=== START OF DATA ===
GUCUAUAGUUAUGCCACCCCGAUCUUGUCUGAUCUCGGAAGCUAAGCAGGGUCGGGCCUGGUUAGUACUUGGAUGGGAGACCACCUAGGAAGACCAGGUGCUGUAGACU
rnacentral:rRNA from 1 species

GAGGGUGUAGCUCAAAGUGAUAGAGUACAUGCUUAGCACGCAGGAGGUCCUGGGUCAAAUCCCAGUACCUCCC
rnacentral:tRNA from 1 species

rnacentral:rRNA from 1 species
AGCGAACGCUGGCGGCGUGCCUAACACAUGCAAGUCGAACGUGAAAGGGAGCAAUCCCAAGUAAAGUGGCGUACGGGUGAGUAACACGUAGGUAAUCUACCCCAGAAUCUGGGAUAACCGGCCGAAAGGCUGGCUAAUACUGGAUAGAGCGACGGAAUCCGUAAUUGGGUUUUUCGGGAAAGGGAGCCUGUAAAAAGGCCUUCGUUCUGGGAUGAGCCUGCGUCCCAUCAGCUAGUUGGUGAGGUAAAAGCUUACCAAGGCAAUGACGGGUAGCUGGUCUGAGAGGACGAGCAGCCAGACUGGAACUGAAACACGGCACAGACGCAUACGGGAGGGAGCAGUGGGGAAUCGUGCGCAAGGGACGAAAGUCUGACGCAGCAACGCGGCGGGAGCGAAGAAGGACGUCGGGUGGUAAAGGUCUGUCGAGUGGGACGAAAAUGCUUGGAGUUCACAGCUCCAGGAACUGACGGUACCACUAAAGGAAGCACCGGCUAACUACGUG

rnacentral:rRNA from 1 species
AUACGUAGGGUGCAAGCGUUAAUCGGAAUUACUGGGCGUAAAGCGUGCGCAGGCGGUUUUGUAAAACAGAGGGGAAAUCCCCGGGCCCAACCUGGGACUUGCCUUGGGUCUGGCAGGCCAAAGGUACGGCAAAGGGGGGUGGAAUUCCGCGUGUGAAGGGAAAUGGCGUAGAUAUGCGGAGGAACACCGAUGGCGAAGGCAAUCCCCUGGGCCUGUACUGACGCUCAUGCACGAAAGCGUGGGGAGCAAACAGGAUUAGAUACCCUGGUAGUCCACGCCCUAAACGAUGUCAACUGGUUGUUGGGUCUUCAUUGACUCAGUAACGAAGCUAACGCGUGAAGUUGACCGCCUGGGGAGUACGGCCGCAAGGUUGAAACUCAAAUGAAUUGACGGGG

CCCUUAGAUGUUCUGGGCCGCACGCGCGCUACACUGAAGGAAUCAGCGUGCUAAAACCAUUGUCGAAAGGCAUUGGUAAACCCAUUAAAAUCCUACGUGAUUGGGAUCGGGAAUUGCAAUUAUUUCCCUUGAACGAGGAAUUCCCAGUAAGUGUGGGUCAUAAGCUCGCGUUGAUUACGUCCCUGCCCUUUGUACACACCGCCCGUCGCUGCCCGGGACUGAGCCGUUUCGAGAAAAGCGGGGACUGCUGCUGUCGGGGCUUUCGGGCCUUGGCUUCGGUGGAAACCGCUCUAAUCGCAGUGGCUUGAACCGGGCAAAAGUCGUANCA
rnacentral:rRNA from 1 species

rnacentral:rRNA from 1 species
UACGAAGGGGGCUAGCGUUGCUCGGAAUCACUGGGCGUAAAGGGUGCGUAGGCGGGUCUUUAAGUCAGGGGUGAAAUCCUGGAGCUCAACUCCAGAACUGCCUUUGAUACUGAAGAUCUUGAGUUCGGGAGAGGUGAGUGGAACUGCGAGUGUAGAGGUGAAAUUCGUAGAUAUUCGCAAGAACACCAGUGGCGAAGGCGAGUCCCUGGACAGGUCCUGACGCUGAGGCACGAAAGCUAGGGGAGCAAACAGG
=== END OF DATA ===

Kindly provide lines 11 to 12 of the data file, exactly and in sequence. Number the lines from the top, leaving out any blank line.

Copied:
rnacentral:rRNA from 1 species
UACGAAGGGGGCUAGCGUUGCUCGGAAUCACUGGGCGUAAAGGGUGCGUAGGCGGGUCUUUAAGUCAGGGGUGAAAUCCUGGAGCUCAACUCCAGAACUGCCUUUGAUACUGAAGAUCUUGAGUUCGGGAGAGGUGAGUGGAACUGCGAGUGUAGAGGUGAAAUUCGUAGAUAUUCGCAAGAACACCAGUGGCGAAGGCGAGUCCCUGGACAGGUCCUGACGCUGAGGCACGAAAGCUAGGGGAGCAAACAGG